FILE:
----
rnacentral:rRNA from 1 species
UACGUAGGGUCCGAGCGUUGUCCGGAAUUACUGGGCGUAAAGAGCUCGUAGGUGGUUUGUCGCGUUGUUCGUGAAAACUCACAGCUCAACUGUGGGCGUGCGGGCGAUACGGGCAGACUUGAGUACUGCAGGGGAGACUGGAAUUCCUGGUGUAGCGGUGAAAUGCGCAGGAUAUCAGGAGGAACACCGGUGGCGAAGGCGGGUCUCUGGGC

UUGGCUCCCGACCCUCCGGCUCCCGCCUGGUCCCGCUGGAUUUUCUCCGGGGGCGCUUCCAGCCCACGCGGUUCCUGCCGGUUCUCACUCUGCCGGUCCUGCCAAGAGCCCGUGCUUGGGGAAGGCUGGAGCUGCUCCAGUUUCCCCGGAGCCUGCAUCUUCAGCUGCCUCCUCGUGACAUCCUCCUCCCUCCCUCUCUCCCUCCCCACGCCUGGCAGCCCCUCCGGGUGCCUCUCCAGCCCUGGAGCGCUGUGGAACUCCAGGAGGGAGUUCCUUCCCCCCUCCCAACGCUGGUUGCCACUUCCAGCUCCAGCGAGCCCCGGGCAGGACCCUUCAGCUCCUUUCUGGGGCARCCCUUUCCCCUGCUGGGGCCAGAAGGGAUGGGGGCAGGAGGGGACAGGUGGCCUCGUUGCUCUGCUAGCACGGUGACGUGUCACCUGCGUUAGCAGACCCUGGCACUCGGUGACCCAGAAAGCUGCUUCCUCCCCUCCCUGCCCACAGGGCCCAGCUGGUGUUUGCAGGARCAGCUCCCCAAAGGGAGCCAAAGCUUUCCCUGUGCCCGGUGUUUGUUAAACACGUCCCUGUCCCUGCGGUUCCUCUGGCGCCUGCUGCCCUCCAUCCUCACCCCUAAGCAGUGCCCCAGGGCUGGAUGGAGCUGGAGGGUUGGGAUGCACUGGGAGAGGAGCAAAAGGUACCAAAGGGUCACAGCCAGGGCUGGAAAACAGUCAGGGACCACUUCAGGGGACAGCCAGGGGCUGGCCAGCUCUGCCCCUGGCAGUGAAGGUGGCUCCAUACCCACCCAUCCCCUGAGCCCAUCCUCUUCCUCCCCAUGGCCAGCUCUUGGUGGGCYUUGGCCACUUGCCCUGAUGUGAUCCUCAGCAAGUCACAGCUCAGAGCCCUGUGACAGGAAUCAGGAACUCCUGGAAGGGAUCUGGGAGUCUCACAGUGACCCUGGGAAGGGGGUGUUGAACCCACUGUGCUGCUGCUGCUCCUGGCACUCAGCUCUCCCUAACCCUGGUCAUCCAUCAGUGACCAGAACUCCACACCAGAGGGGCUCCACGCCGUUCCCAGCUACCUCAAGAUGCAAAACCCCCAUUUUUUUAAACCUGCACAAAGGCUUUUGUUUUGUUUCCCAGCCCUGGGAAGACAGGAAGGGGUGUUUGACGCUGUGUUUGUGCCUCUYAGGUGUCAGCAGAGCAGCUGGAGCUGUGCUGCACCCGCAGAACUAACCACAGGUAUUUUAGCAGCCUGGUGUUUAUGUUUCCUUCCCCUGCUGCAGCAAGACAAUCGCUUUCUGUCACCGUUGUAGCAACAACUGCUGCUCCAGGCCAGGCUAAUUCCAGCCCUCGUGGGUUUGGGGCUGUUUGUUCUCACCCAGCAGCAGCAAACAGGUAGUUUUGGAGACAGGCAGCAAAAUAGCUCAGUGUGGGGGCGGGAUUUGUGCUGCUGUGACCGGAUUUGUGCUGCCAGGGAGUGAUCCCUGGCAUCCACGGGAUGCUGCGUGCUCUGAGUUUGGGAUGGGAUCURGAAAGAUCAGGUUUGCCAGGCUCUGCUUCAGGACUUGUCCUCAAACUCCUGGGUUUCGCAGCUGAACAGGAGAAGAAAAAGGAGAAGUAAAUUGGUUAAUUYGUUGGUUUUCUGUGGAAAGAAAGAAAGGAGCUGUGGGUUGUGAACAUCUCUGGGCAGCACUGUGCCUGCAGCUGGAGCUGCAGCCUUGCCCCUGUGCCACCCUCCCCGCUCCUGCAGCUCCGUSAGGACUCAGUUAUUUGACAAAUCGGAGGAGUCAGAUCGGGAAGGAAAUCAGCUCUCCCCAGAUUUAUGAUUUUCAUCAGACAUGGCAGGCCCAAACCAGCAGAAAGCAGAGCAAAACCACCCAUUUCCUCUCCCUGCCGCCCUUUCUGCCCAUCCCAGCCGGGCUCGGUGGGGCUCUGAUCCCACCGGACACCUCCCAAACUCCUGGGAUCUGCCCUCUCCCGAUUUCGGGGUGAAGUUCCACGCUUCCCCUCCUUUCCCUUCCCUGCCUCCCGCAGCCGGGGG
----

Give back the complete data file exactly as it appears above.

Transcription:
rnacentral:rRNA from 1 species
UACGUAGGGUCCGAGCGUUGUCCGGAAUUACUGGGCGUAAAGAGCUCGUAGGUGGUUUGUCGCGUUGUUCGUGAAAACUCACAGCUCAACUGUGGGCGUGCGGGCGAUACGGGCAGACUUGAGUACUGCAGGGGAGACUGGAAUUCCUGGUGUAGCGGUGAAAUGCGCAGGAUAUCAGGAGGAACACCGGUGGCGAAGGCGGGUCUCUGGGC

UUGGCUCCCGACCCUCCGGCUCCCGCCUGGUCCCGCUGGAUUUUCUCCGGGGGCGCUUCCAGCCCACGCGGUUCCUGCCGGUUCUCACUCUGCCGGUCCUGCCAAGAGCCCGUGCUUGGGGAAGGCUGGAGCUGCUCCAGUUUCCCCGGAGCCUGCAUCUUCAGCUGCCUCCUCGUGACAUCCUCCUCCCUCCCUCUCUCCCUCCCCACGCCUGGCAGCCCCUCCGGGUGCCUCUCCAGCCCUGGAGCGCUGUGGAACUCCAGGAGGGAGUUCCUUCCCCCCUCCCAACGCUGGUUGCCACUUCCAGCUCCAGCGAGCCCCGGGCAGGACCCUUCAGCUCCUUUCUGGGGCARCCCUUUCCCCUGCUGGGGCCAGAAGGGAUGGGGGCAGGAGGGGACAGGUGGCCUCGUUGCUCUGCUAGCACGGUGACGUGUCACCUGCGUUAGCAGACCCUGGCACUCGGUGACCCAGAAAGCUGCUUCCUCCCCUCCCUGCCCACAGGGCCCAGCUGGUGUUUGCAGGARCAGCUCCCCAAAGGGAGCCAAAGCUUUCCCUGUGCCCGGUGUUUGUUAAACACGUCCCUGUCCCUGCGGUUCCUCUGGCGCCUGCUGCCCUCCAUCCUCACCCCUAAGCAGUGCCCCAGGGCUGGAUGGAGCUGGAGGGUUGGGAUGCACUGGGAGAGGAGCAAAAGGUACCAAAGGGUCACAGCCAGGGCUGGAAAACAGUCAGGGACCACUUCAGGGGACAGCCAGGGGCUGGCCAGCUCUGCCCCUGGCAGUGAAGGUGGCUCCAUACCCACCCAUCCCCUGAGCCCAUCCUCUUCCUCCCCAUGGCCAGCUCUUGGUGGGCYUUGGCCACUUGCCCUGAUGUGAUCCUCAGCAAGUCACAGCUCAGAGCCCUGUGACAGGAAUCAGGAACUCCUGGAAGGGAUCUGGGAGUCUCACAGUGACCCUGGGAAGGGGGUGUUGAACCCACUGUGCUGCUGCUGCUCCUGGCACUCAGCUCUCCCUAACCCUGGUCAUCCAUCAGUGACCAGAACUCCACACCAGAGGGGCUCCACGCCGUUCCCAGCUACCUCAAGAUGCAAAACCCCCAUUUUUUUAAACCUGCACAAAGGCUUUUGUUUUGUUUCCCAGCCCUGGGAAGACAGGAAGGGGUGUUUGACGCUGUGUUUGUGCCUCUYAGGUGUCAGCAGAGCAGCUGGAGCUGUGCUGCACCCGCAGAACUAACCACAGGUAUUUUAGCAGCCUGGUGUUUAUGUUUCCUUCCCCUGCUGCAGCAAGACAAUCGCUUUCUGUCACCGUUGUAGCAACAACUGCUGCUCCAGGCCAGGCUAAUUCCAGCCCUCGUGGGUUUGGGGCUGUUUGUUCUCACCCAGCAGCAGCAAACAGGUAGUUUUGGAGACAGGCAGCAAAAUAGCUCAGUGUGGGGGCGGGAUUUGUGCUGCUGUGACCGGAUUUGUGCUGCCAGGGAGUGAUCCCUGGCAUCCACGGGAUGCUGCGUGCUCUGAGUUUGGGAUGGGAUCURGAAAGAUCAGGUUUGCCAGGCUCUGCUUCAGGACUUGUCCUCAAACUCCUGGGUUUCGCAGCUGAACAGGAGAAGAAAAAGGAGAAGUAAAUUGGUUAAUUYGUUGGUUUUCUGUGGAAAGAAAGAAAGGAGCUGUGGGUUGUGAACAUCUCUGGGCAGCACUGUGCCUGCAGCUGGAGCUGCAGCCUUGCCCCUGUGCCACCCUCCCCGCUCCUGCAGCUCCGUSAGGACUCAGUUAUUUGACAAAUCGGAGGAGUCAGAUCGGGAAGGAAAUCAGCUCUCCCCAGAUUUAUGAUUUUCAUCAGACAUGGCAGGCCCAAACCAGCAGAAAGCAGAGCAAAACCACCCAUUUCCUCUCCCUGCCGCCCUUUCUGCCCAUCCCAGCCGGGCUCGGUGGGGCUCUGAUCCCACCGGACACCUCCCAAACUCCUGGGAUCUGCCCUCUCCCGAUUUCGGGGUGAAGUUCCACGCUUCCCCUCCUUUCCCUUCCCUGCCUCCCGCAGCCGGGGG